Celebrate diversity. There are many awareness events throughout the year. These include LGBTQ+ Pride Month, Mental Health Awareness Week, Disability Pride Month, and Black History Month. If you have an internal newsletter, you could highlight these events and plan activities around them. That way, colleagues know when they’re happening and can take part if they’d like to.

Consider your behaviour. Think about how you express yourself at work. Your language and actions can carry a lot of meaning. Sometimes, you might express prejudice, even if you don’t mean to. These types of behaviour, often referred to as microaggressions, can create an environment where employees don’t feel like they belong.

Visibility matters. As a manager, you’re a role model for inclusive leadership. Lead by example and aim to create a safe environment for your employees to work to the best of their ability. If you have a company policy on diversity and inclusion, share it with your team. That way, they’ll know how they’re expected to act, and how the business values diversity and inclusion.

Hear from our experts

“Creating an inclusive work environment is the responsibility of us all. This doesn’t just sit with the human resources team or the company’s leadership team. We all must be consciously inclusive to create a great place to work. Diversity and inclusion is not only the right thing to do – it’s also great for business. To create products for a diverse population base, we have to be diverse ourselves.

‘Be You at Bupa’ and ‘Everyone’s Welcome’ is our position as an organisation on diversity and inclusion. We believe that everyone should feel able to be their whole selves at work, and not like they have to hide who they are, or aspects of their personal identity. But we all have our part to play in enabling each other to be our true selves and making these words real – we are all responsible for making sure we consciously include others and create that sense of belonging.”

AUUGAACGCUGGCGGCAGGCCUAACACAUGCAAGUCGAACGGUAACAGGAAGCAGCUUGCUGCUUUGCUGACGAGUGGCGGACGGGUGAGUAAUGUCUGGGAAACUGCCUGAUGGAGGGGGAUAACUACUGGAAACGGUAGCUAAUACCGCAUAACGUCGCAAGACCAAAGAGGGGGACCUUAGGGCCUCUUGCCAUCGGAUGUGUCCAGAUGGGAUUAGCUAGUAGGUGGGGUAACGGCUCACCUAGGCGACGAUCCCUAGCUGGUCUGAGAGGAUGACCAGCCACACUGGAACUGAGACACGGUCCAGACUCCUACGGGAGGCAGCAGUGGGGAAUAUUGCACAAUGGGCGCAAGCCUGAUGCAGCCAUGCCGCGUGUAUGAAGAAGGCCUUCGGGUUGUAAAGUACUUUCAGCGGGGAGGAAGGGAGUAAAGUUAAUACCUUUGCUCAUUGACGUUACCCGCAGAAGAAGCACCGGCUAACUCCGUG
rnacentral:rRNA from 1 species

Diana Podlewska Monteiro, Inclusion Partner, Bupa Global & UK People Team

More information

Bupa has a range of health information to support you and your team, including:


  • Improving equality, diversity and inclusion in your workplace. Advisory Conciliation and Arbitration Service., accessed 6 July 2022.
  • Building inclusive workplaces. Chartered Institute of Personnel and Development., published 23 September 2019.
  • Equality Act 2010 – Part 2, Chapter 1, Section 4. UK Government., accessed 7 July 2022. h
  • Protected Characteristics. Equality and Human Rights Commission., last updated 6 July 2021.
  • 5 advantages of diversity in the workplace. Indeed., accessed 7 July 2022.
  • Driving inclusion together for a better world. Bupa., accessed 7 July 2022.
  • Microaggression. Merriam-Webster., accessed 7 July 2022.
  • Let’s Talk. Scope., accessed 30 June 2022.
  • Delivering through diversity. McKinsey & Company., published 18 January 2018.
  • Inclusion and diversity in the workplace. Chartered Institute of Personnel and Development., published 10 May 2021.
  • Flexible working practices. Chartered Institute of Personnel and Development., published 1 July 2022.
  • Ramadan in the workplace: flexible working and support for Muslims. Unison., published 5 April 2022.
  • Diversity and inclusion at work: facing up to the business case. Chartered Institute of Personnel and Development., published 20 June 2018.
  • Equality Act FAQs. Equality and Human Rights Commission., accessed 12 July 2022.
  • Reasonable adjustments at work. Scope., accessed 14 July 2022.
  • Employers: preventing discrimination. UK Government., accessed 14 July 2022.
  • Personal Communication. Diana Podlewska Monteiro, Inclusion Partner, Bupa Global & UK People Team, July 2022